Scariest memory, was getting caught in a flash flood on the River Road.

I've never eaten at the Limpia, but I have at the old Drug Store across the Street and it's outstanding for breakfast. Also, Reata in Alpine is terrific.

I've also never been to the Cibola Ranch, but its a little pricey for me.


You haven't asked folks in Alpine what they think about where the west begins. We people from *real* West Texas laugh at people from Abilene who think they live in west Texas.

Before you go again, check around- there are lot of Big Bend devotees in Dallas who can tell you things like the best times to go if you like crowded parks fulls of college-aged kyakers on Spring Break, or if you like crowded parks full of drunken hillibillies at a chilie cook-off, or if you'd prefer (as I do) the quieter times.

Also, June Naylor in Fort Worth (Texas Toast) did a Big Bend foodie road trip last year and it was wonderful. She knows lots of the restaurant people out that way.


Bill Holsten, why aren't we at least Facebook friends???

You're making ME homesick! My family is from Pecos County!

Did you ever get to Santa Elena? Not as touristy-trappy as Boquillas, but the food was the BEST EVER, especially at Ma Elene's cafe! I would stay over in their guest room for days at a time and go horseback riding in the crystal mountains with my amigos. I brought them all kinds of business. The chicken was always fresh. I have yet to find beans and rice, tostadas, mole, and homemade flautas and all the barbecued stuff like that anywhere in Dallas, and I am including neighbors kitchens. It seems not many folks from Santa Elena (or Boquillas, for that matter) immigrate to Dallas. It's sad too, because part of the best reasons for going to Big Bend was the boat-ride over to Mexico to eat!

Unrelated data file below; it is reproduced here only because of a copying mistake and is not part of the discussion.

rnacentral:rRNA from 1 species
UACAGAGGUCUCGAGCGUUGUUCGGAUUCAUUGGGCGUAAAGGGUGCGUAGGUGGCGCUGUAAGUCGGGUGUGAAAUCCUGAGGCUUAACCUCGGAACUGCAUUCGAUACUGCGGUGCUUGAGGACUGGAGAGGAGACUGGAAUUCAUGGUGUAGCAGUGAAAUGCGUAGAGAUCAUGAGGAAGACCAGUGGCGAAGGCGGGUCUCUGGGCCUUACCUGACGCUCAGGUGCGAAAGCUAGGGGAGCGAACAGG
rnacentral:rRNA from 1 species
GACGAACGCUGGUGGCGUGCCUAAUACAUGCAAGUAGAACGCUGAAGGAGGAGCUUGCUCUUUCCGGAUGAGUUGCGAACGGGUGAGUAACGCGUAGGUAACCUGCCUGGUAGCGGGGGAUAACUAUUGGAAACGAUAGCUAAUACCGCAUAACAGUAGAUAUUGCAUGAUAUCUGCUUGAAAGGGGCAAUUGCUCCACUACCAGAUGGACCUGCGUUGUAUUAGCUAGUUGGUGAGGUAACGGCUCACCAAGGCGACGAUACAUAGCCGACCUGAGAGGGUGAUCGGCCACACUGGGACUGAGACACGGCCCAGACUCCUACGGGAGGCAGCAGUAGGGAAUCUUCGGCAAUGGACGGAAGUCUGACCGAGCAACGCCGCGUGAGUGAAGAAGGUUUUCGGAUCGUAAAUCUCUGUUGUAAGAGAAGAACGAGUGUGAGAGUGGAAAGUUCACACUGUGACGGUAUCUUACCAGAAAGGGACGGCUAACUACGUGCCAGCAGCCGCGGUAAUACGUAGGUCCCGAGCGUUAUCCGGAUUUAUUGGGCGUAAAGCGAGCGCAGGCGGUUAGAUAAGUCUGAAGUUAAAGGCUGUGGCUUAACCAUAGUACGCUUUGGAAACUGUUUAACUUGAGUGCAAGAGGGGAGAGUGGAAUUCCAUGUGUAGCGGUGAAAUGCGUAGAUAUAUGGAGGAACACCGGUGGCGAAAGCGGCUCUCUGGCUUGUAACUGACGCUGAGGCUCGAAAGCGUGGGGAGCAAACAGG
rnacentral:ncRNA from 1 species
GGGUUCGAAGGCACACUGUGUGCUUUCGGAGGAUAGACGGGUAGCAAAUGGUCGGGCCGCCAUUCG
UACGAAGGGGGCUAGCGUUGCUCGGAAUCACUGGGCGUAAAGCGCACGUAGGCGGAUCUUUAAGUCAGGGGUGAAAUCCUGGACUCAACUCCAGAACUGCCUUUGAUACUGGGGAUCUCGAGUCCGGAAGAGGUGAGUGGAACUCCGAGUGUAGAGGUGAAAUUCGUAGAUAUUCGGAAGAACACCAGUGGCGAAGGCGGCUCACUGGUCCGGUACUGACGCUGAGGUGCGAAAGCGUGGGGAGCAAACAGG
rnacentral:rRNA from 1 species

I've tried to find it in Presidio and Ojinaga- it's come close, but not quite the same. *sigh* I do miss those little cabbage tacos in Boquillas......

Bill Holston
Bill Holston

by far my favorite trip, was taking the row boats over to Boquillas, hiring a guide at Falcon's and driving up to the old Puerto Rico Mine in the Sierra del Carmen's. We hiked back out. We saw no one for 3 days. It was beautiful country.

Next favorite was hiking to the south Rim, than down Blue Creek Canyon and out through the smokey creek drainage. Beautiful desert country, filled with springs in the canyons. Ironically much more water out in the desert.

You're making my homesick for the desert. Might have to walk at lunch today.


HOW could I forget Reata?!?!??? Isn't that where Grady Spears got his start?

And the Drug Store in Fort Davis makes THE BEST cucumber sandwiches and iced coffee!

No, I don't have property at Terlingua Ranch, I have a mere 10 acres just off the dirt road leading to Cigar Mountain, outside of the "ghost town".

I would have to say that getting caught in a flash flood on the River Road would be quite scary. I did get snowed in once backpacking in the basin.